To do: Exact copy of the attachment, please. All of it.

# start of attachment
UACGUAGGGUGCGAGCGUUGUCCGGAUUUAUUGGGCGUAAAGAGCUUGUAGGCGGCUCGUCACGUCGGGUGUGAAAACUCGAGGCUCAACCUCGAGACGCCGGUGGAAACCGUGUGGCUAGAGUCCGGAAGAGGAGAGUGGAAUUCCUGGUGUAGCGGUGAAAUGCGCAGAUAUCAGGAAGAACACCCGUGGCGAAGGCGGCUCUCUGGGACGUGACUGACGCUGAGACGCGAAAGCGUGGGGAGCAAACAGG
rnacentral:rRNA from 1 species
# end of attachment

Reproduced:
UACGUAGGGUGCGAGCGUUGUCCGGAUUUAUUGGGCGUAAAGAGCUUGUAGGCGGCUCGUCACGUCGGGUGUGAAAACUCGAGGCUCAACCUCGAGACGCCGGUGGAAACCGUGUGGCUAGAGUCCGGAAGAGGAGAGUGGAAUUCCUGGUGUAGCGGUGAAAUGCGCAGAUAUCAGGAAGAACACCCGUGGCGAAGGCGGCUCUCUGGGACGUGACUGACGCUGAGACGCGAAAGCGUGGGGAGCAAACAGG
rnacentral:rRNA from 1 species